Take a player like Isaiah Thomas as a prime example. Thomas was the 60th overall pick in the 2011 and draft and stands at 5’ 9” and weighs 185 pounds. In his first season in the league, Thomas was buried on the bench and didn’t see very many minutes until towards the end of the season. When Thomas finally got his opportunity to play, he took advantage of every game that was available and became the starter for the Kings in the following season. He continually worked on his weaknesses and now he leads the Eastern Conference point guards in points, is second place in assists, and leading the Boston Celtics to the brink of playoffs with 22-wins thus far.
Thomas isn’t an All-Star starter as Kyle Lowry was voted instead. Thomas actually placed ninth in Eastern guard voting, behind the likes of Kyrie Irving. As a reminder, Irving missed the first 26 games of the season and is averaging five fewer points per game, three fewer assists, and one less rebound than Thomas. Kyrie was also the first overall pick in 2011, 6’3”, and plays with LeBron James and Kevin Love.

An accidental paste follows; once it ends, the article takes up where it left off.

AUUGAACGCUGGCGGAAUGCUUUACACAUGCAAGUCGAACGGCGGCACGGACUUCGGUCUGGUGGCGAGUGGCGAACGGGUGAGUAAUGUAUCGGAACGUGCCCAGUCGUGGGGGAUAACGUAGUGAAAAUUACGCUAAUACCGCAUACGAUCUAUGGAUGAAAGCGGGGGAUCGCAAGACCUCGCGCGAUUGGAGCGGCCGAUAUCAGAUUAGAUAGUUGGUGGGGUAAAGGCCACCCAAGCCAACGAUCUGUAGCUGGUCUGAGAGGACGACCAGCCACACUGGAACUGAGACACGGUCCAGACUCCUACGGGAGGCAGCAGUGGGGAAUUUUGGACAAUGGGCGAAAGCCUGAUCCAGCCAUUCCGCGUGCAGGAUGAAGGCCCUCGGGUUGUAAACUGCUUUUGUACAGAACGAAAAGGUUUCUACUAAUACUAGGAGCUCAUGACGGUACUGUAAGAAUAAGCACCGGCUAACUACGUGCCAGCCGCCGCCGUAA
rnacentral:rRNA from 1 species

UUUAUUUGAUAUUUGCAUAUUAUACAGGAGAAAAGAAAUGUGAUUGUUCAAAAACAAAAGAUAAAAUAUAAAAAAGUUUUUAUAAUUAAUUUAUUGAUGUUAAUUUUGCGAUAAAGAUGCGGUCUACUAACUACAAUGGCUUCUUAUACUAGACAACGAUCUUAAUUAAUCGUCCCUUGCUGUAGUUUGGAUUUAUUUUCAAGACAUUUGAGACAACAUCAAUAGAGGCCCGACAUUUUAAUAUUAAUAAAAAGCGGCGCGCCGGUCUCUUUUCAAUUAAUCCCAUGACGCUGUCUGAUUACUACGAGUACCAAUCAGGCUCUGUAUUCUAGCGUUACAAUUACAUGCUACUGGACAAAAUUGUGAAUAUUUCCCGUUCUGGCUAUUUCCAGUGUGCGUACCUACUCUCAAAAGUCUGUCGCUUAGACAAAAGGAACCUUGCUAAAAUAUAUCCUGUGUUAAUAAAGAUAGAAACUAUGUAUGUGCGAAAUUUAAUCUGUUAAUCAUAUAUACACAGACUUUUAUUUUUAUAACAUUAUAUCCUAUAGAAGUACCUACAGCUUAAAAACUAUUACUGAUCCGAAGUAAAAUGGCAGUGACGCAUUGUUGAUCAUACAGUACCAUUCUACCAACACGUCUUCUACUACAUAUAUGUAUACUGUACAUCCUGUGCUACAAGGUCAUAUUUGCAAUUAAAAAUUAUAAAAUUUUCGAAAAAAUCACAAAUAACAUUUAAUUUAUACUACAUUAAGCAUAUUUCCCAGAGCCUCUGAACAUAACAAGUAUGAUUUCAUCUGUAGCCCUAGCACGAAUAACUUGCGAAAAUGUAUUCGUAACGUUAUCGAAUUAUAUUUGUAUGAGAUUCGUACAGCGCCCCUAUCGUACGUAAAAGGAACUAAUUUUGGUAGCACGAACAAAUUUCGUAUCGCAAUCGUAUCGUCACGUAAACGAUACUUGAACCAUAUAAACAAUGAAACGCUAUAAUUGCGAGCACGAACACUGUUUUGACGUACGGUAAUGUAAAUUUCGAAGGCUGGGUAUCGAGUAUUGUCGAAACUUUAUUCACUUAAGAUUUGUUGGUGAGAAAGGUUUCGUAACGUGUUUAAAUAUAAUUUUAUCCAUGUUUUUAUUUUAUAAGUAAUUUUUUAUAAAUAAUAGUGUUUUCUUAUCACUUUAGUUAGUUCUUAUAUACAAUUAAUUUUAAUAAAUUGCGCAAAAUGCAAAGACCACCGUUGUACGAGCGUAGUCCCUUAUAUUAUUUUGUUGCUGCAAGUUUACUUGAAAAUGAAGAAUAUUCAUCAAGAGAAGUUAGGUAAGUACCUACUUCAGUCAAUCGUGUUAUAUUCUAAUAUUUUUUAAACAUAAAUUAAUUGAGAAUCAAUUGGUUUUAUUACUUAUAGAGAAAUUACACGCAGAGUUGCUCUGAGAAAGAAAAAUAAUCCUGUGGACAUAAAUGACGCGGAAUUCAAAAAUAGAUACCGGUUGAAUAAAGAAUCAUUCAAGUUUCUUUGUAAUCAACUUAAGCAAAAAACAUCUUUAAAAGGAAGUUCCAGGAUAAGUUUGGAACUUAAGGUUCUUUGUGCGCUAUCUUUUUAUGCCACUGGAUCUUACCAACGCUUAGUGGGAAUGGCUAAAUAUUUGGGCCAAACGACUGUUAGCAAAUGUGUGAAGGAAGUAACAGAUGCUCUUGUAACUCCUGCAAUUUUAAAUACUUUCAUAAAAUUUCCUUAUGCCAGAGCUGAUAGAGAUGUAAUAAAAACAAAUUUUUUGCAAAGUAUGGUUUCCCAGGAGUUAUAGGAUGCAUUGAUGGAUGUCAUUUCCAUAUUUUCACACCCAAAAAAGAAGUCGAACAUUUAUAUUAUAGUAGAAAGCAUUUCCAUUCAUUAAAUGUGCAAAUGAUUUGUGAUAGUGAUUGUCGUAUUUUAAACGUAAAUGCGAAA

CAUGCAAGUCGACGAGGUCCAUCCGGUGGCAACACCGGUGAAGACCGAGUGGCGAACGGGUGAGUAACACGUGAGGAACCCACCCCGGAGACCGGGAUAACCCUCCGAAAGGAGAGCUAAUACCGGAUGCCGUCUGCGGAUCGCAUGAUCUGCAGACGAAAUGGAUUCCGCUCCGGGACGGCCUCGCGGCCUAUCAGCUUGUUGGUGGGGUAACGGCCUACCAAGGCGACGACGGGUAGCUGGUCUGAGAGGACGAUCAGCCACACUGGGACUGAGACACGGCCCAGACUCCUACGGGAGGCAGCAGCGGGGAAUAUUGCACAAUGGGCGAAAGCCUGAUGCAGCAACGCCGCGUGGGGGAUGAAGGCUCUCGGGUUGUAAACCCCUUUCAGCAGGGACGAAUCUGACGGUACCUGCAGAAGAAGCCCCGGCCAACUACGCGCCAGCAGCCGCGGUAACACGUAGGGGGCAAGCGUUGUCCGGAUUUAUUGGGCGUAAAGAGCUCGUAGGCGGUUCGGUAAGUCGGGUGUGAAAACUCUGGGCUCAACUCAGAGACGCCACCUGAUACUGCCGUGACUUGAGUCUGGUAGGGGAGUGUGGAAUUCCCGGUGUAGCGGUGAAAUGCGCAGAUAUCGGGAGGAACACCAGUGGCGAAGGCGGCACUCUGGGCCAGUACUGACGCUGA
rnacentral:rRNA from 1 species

The point being that All-Star voting is done by a bunch of idiots, myself included.
The process doesn’t reward those that are deserving and is becoming more commercialized as time continues on. My T.J. McConnell dreams must continue on!
Whatever my opinion may be, the free marketing for the NBA is priceless and this process will most likely never change. Regardless, there are two easy ways to fix this broken system.